Masking is something I look forward to in my skincare routine, partly because there are so many different types of masks to try out. However, buying masks at the store can be pretty expensive. In this article, you’ll find 2 different options - one that’s pricey and one that’s more affordable - for the same types of masks.
Clay masks are perhaps one of the most popular types of masks, and for good reason - they can act as a good detox for all skin types by unclogging your pores, fight signs of aging in mature skin, reduce acne and sebum production in oily or acne-prone skin. Overall, clay masks will make your skin feel soft and smooth when used once or twice a week. It goes without saying that after doing a clay mask, you should apply a hydrating moisturiser right away so that the mask does not dry out your skin (which could actually increase redness and irritation).
SUPERMUD Clearing Treatment by Glamglow (Image: Sephora)
The SUPERMUD Clearing Treatment from Glamglow is a great clay mask. Although the standard size sells for a cool $86 at Sephora, it has been raved about by the beauty community and does as it claims. It is especially loved by those with acne-prone skin, for whom I would highly recommend trying this mask out. However, $86 can be a big investment to make. A more affordable option would be to make your own at $11. You can mix Aztec Indian Healing Clay (which has nearly 13,000 5-star reviews on Amazon!) with apple cider vinegar or water if your skin type is sensitive.
Indian Healing Clay by Aztec Secret (Image: iHerb)
This can give you the same results as the Glamglow clay mask at a much better pricepoint and you get nearly 500g of pure clay for $11 vs 50g of product for $86. Note that you should not use a metal spoon to scoop out the Aztec clay as this can cause it to lose its beneficial properties, stick with plastic instead. Also, start off with using this mask once a week as it can be very strong.
Sheet masks are a staple in many skincare routines. They are touted for their incredible variety and ability to give your skin a healthy glow after just one use. Sheet masks can be used depending on the needs of the individual - some people like to use them every night, some just once a week. As a general rule, it may be safe to use them 2-3 times a week, see how your skin reacts and adjust your usage accordingly. The Korean skincare brand Caolion is well known for their sheet masks, with their Freshly Hydro Sheet Mask being described by reviewers as soothing and great for travel. The pros of picking this up are that it’s quick and easy to pop on after a long, tiring day. However, a single sheet mask will set you back $10.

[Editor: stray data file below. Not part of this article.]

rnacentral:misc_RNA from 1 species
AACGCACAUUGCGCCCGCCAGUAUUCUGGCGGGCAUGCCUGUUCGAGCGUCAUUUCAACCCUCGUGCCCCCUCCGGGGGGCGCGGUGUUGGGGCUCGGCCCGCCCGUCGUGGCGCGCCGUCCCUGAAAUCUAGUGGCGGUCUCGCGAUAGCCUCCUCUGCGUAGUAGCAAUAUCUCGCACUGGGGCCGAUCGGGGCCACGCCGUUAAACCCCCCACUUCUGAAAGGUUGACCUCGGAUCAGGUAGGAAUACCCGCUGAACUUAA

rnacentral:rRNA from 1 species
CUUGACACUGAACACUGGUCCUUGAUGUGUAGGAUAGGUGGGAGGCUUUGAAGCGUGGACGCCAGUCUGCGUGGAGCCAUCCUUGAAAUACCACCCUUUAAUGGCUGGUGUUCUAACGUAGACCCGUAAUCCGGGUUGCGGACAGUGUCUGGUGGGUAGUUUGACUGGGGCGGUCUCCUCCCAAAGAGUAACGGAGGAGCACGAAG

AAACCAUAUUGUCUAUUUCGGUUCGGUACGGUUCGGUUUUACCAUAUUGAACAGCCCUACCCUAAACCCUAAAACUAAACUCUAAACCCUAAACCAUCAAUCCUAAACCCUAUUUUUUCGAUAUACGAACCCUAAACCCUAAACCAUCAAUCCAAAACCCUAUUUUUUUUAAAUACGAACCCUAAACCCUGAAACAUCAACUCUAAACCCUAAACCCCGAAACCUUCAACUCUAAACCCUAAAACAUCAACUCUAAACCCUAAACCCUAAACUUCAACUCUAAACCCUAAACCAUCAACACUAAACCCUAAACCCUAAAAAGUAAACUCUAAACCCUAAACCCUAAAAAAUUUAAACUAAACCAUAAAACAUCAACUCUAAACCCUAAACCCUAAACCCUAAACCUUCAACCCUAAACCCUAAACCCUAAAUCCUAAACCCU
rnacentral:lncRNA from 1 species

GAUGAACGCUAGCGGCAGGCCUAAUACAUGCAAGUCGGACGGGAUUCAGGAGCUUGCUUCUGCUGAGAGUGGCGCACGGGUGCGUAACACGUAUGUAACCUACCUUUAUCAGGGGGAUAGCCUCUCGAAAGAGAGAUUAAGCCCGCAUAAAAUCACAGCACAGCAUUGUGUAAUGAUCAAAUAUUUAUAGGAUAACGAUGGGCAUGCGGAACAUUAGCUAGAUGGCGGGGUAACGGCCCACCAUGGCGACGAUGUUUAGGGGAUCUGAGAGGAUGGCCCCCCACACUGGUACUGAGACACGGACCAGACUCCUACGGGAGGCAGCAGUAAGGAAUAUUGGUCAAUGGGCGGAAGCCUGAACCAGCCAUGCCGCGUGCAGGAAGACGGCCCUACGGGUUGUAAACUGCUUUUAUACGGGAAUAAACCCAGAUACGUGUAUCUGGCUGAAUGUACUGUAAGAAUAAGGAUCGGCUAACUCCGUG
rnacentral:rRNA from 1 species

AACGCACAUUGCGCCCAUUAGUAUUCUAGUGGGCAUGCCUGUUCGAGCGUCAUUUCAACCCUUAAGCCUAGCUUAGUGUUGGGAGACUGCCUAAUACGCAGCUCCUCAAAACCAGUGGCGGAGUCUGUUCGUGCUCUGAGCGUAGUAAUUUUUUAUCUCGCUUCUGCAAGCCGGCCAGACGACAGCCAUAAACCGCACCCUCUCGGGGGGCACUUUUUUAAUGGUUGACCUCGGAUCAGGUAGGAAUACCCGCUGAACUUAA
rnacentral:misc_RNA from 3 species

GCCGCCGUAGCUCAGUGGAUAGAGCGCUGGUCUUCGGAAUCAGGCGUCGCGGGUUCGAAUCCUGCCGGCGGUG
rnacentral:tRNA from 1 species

Freshly Hydro Sheet Mask by Caolion (Image: Sephora)
If you have a little more time, you can DIY a mask with similar properties for much less. Steep some organic green tea bags (each tea bag costs just 16 cents!) in warm water for 2 minutes and allow the tea to cool, placing it in the refrigerator if desired. Once it’s at your preferred temperature, soak some cotton rounds in the tea and place them on your face (as seen on Liah Yoo’s video). The tea has soothing properties just like the Caolion mask, and can be especially beneficial for oily and acne-prone skin types.
Organic Original Green Tea Bags by St. Dalfour (Image: iHerb)
While researching for this article, we came across this amazing mask machine that allows you to mix different ingredients you have at home to make your own sheet masks! Using this machine will definitely make taking care of your skin a lot more fun, and it can be a worthwhile investment for those who use face masks regularly. Some examples of what the masks look like can be found below! A major advantage of this machine is that you get the same benefits from DIY masks without the mess, but it also means that you'll have to regularly wash and clean the mask machine as well.
Kingdom Cares Face Mask Machine (Image: Kingdom Cares)
Sample Masks (Image: Kingdom Cares)
You can be inventive with DIY masks - just find the main ingredients in your favourite store-bought masks and check your pantry for items you can use to replicate the effects of those ingredients :-) That’s it for this article, but we’ll be posting more about other types of masks in the future!